• Jay Wason, Assistant Professor of Forest Ecosystem Physiology, UMaine School of Forest Resources, is to determine how tree regeneration in the Northern Forest will respond to extreme drought, heat, and midwinter warming events to better inform forest management. Two experiments that will simulate novel future extreme climate conditions using sapling trees of 10 Northern Forest tree species will help identify forest tree species that are best and least adapted to future extreme climate events and the physiological characteristics that promote resistance and resilience to extreme climate change.

“As a PhD student in New York, being part of an NSRC project helped me to establish new collaborations and expand the impact of our project across the region,” shared awardee Jay Wason, University of Maine Assistant Professor of Forest Ecosystem Physiology. “It is very exciting now to be the lead PI on a project in the most recent round of NSRC funding. That funding is supporting our research into tree responses to extreme drought, summer heat, and winter warming as we try to understand forest regeneration in the face of extreme weather events.”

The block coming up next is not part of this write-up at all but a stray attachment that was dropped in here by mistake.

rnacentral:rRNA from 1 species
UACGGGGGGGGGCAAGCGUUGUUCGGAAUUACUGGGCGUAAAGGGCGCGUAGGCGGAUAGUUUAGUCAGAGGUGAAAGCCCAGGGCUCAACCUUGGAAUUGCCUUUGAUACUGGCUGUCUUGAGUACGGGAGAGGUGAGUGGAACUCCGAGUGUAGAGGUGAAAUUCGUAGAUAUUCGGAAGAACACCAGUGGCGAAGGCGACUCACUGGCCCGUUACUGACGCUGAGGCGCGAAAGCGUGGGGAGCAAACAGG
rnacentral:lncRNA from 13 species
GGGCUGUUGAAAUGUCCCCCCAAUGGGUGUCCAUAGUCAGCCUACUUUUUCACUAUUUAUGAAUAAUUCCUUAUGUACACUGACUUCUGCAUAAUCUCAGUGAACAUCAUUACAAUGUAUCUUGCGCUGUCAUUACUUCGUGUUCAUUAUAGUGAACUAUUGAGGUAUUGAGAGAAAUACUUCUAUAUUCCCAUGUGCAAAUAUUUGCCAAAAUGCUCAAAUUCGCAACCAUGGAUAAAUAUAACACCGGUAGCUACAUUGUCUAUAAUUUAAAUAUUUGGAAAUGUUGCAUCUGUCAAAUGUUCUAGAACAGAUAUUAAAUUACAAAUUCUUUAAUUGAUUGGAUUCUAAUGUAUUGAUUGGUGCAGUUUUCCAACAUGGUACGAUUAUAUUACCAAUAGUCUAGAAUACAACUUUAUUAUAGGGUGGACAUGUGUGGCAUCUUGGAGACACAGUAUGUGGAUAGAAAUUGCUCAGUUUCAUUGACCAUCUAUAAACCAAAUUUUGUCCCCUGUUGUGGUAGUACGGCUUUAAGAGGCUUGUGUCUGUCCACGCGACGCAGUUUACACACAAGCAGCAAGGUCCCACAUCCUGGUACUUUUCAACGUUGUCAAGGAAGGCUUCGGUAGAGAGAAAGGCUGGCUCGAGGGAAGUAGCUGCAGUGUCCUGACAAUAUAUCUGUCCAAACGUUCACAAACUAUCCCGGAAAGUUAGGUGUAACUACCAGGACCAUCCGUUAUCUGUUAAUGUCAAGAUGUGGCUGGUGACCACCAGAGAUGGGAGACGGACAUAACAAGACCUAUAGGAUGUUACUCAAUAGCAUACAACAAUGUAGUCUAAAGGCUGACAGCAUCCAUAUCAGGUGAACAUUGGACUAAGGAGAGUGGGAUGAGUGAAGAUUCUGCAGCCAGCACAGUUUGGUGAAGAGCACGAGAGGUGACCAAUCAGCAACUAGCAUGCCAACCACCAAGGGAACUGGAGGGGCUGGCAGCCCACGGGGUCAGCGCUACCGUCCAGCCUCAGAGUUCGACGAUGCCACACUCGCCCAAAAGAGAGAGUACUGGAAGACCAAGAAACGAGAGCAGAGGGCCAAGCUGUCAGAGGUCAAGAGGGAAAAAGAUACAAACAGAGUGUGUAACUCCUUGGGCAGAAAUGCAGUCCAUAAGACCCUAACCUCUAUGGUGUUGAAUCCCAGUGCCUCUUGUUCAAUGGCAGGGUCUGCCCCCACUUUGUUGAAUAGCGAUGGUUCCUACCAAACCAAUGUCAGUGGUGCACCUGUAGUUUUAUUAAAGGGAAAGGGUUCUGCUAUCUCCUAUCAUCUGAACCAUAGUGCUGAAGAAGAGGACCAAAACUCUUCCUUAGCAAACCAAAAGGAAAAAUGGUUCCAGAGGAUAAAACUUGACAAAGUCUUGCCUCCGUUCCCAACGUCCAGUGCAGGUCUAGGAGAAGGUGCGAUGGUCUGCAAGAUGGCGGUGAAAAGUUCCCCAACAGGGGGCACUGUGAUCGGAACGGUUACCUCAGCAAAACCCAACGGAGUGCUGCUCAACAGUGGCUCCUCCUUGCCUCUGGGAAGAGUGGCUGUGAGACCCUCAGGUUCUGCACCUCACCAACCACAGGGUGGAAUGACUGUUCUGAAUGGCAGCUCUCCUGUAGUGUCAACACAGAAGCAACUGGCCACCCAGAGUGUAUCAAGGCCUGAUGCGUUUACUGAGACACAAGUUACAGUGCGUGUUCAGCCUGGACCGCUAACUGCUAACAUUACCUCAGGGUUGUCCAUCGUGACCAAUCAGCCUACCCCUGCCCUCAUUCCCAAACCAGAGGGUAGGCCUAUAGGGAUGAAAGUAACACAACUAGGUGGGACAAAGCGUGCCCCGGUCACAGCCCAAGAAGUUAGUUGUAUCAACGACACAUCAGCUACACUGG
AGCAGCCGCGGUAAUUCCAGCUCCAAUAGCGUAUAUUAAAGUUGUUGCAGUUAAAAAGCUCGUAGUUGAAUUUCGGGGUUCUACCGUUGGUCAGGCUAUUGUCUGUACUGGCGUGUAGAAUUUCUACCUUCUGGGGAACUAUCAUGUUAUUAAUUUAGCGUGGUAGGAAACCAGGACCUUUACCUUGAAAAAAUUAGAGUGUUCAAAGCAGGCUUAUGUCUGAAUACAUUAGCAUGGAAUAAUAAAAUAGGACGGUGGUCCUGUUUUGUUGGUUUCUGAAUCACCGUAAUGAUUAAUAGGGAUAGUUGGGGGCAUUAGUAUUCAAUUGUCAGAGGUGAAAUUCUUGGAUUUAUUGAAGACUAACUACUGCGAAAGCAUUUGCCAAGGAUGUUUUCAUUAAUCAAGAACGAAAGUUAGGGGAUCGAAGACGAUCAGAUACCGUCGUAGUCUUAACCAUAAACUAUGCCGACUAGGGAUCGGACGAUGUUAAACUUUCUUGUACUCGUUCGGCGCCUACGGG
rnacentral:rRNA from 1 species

Research goals for the program, as stipulated in the 2020 NSRC Congressional Authorization, are to sponsor research to sustain the health of northern forest ecosystems and communities, develop new forest products, and to improve forest biodiversity management. NSRC also supports an Indigenous Forest Knowledge Fund (IFKF) to address structural inequities in opportunity for Indigenous youth in forest research and invest in the cultural and intellectual sovereignty of Tribal forest traditions, alongside other forms of applied forest research. NSRC recently released an RFP for the 2022 IFKF competition.